According to the resonance-based wireless power transmission scheme, the source device 310 and the plurality of target devices 321, 323, and 325 may transmit and receive data via an in-band communication, or an out-band communication.

In an in-band communication scheme, power and a signal may be transmitted within a coupling area between a source resonator and a target resonator. Unlike an out-band communication scheme, the in-band communication scheme may cause a small amount of interference in peripheral devices, in certain instances. The out-band communication may use a communication channel, such as a ZigBee channel, Wi-Fi channel, Wi-Max channel, a Bluetooth channel, and/or the like. In the in-band communication, data may be transmitted using a power transmitting channel.

FIG. 4 illustrates a resonance frequency control method.

As illustrated in FIG. 4, a source device, a target device 1, and a target device 2 may transmit and receive data via an in-band communication. Also, the source device, the target device 1, and the target device 2 may transmit and receive data via an out-band communication.

Referring to FIG. 4, in operation 410, the source device is operated in a standby mode when a target is not detected. When the target device 1 and the target device 2 are detected in the standby mode, the source device may generate communication power used in the target device. The source device may generate the communication power used in a plurality of target devices by converting DC voltage supplied to the power amplifier 220 of FIG. 2 to AC voltage using a reference resonance frequency FRef. For instance, the source device may transmit a test signal at predetermined periods, or may detect the target device 1 or the target device 2 using a pressure sensor. When the target device 1 is disposed on the source device, the source device may detect the target device 1 using the pressure sensor included in the source device. Also, the source device may be switched from the standby mode to an access mode by a predetermined control signal. The access mode may refer to a mode in which operations in 420 and 430 of FIG. 4 may be performed.

In operation 420, the source device transmits the communication power to the target device 1 or the target device 2, for instance, using a magnetic coupling. The source device may generate the communication power used in the target device, by converting DC voltage to be supplied to the power amplifier 220 to AC voltage using a reference resonance frequency FRef. The communication power may refer to energy used for activating a communication module and a processor of the target device. The communication power may be transmitted during a predetermined time in a form of a constant wave (CW). The target device 1 and the target device 2 may receive power requested for operating the communication module and the processor, by receiving the communication power.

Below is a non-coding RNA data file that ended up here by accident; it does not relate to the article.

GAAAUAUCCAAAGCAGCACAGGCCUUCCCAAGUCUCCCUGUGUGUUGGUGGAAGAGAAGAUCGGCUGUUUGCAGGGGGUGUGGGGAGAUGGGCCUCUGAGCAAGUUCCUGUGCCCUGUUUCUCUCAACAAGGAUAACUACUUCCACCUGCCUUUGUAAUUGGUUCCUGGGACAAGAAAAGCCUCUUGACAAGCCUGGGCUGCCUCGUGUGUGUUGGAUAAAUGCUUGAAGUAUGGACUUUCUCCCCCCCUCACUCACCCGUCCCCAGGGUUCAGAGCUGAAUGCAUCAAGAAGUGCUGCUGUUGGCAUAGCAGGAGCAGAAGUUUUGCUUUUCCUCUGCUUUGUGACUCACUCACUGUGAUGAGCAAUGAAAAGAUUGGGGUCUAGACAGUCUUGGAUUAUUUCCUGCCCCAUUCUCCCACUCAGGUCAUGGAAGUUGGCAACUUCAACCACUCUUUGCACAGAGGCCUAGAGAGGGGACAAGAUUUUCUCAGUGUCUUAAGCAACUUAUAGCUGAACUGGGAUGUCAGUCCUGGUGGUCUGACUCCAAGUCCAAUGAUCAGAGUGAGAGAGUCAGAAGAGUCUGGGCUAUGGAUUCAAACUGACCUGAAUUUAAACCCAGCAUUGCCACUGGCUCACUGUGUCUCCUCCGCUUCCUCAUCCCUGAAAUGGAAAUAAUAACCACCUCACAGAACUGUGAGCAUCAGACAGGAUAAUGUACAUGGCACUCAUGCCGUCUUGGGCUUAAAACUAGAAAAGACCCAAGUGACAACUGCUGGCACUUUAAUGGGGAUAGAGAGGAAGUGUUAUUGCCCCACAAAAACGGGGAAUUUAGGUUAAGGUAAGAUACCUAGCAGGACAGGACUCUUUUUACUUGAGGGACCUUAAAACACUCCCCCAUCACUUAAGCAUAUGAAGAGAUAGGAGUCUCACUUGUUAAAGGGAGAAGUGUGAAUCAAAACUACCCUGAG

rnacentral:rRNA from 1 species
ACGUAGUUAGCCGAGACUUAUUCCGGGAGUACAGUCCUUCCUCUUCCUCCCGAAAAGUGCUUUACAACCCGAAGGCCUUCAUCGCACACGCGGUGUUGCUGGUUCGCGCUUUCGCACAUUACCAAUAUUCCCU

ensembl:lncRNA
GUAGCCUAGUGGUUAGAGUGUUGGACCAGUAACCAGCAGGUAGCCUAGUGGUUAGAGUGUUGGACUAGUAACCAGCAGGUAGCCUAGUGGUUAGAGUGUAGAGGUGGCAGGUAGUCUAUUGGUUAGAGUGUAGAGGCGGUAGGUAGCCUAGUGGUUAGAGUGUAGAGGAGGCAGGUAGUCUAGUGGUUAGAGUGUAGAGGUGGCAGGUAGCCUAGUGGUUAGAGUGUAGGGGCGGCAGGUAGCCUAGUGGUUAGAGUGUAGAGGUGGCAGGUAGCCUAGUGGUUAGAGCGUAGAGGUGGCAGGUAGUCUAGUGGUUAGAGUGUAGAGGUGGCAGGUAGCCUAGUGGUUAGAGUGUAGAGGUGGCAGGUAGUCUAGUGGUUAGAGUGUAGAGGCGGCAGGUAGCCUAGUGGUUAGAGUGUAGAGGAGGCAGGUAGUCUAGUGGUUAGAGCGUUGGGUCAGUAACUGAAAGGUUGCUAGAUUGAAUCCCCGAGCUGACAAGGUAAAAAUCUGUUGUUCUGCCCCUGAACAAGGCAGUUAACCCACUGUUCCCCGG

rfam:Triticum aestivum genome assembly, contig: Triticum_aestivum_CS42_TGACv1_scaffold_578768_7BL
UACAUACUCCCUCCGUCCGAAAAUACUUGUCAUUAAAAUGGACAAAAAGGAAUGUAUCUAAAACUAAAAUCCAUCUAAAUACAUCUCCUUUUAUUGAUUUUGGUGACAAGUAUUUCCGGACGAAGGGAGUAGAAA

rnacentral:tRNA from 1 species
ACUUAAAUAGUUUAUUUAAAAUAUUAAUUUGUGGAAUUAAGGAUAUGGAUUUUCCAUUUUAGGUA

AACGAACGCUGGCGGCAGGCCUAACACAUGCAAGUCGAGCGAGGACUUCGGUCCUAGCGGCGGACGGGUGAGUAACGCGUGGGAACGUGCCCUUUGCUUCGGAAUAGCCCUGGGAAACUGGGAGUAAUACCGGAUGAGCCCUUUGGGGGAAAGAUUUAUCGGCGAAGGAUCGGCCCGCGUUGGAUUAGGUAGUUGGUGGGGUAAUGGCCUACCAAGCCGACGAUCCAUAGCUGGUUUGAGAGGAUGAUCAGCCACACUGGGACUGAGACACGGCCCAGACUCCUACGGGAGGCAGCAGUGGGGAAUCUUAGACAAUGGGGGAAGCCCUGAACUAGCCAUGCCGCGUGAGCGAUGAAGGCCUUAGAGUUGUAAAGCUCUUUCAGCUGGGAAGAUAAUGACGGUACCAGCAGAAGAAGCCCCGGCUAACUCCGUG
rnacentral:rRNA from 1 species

In operation 430, the source device wakes up the target device, or assigns a virtual identifier to the target device. Similarly, the target device may receive a wake-up request message from the source device, and may be assigned the virtual identifier. For instance, the target device 1 and the target device 1 and the target device 2 may activate a communication and control function by receiving the wake-up request message, and may be assigned the virtual identifier from the source device.

Operation 430 includes operation 431 in which the source device transmits a wake-up request message to the target device 1 and the target device 2, operation 433 in which the source device receives an acknowledge (ACK) message from the target device 1, and operation 435 in which the source device receives an ACK message from the target device 2. In operation 431, the source device may transmit a wake-up request message to a plurality of target devices. In operations 433 and 435, the source device may receive response messages corresponding to the wake-up request message from each of the plurality of target devices. The source device may detect a number of the plurality of target devices based on the received response messages. In some instances, a response message and an ACK message may refer to the same message.

For example, the ACK messages may include identifier information of each of the target device 1 and the target device 2. The identifier information included in the ACK message may correspond to an intrinsic identifier of each of the target device 1 and the target device 2. Also, one or more of the response messages corresponding to the wake-up request message may include a product type of a corresponding target device, manufacturer information of the corresponding target device, a product model name of the corresponding target device, a battery type of the corresponding target device, a charging scheme of the corresponding target device, an impedance value of a load of the corresponding target device, to information about a characteristic of a target resonator of the corresponding target device, information about a used frequency band of the corresponding target device, an amount of power to be used for the corresponding target device, an intrinsic identifier of the corresponding target device, product version information or standards information of the corresponding target device, or any combination thereof.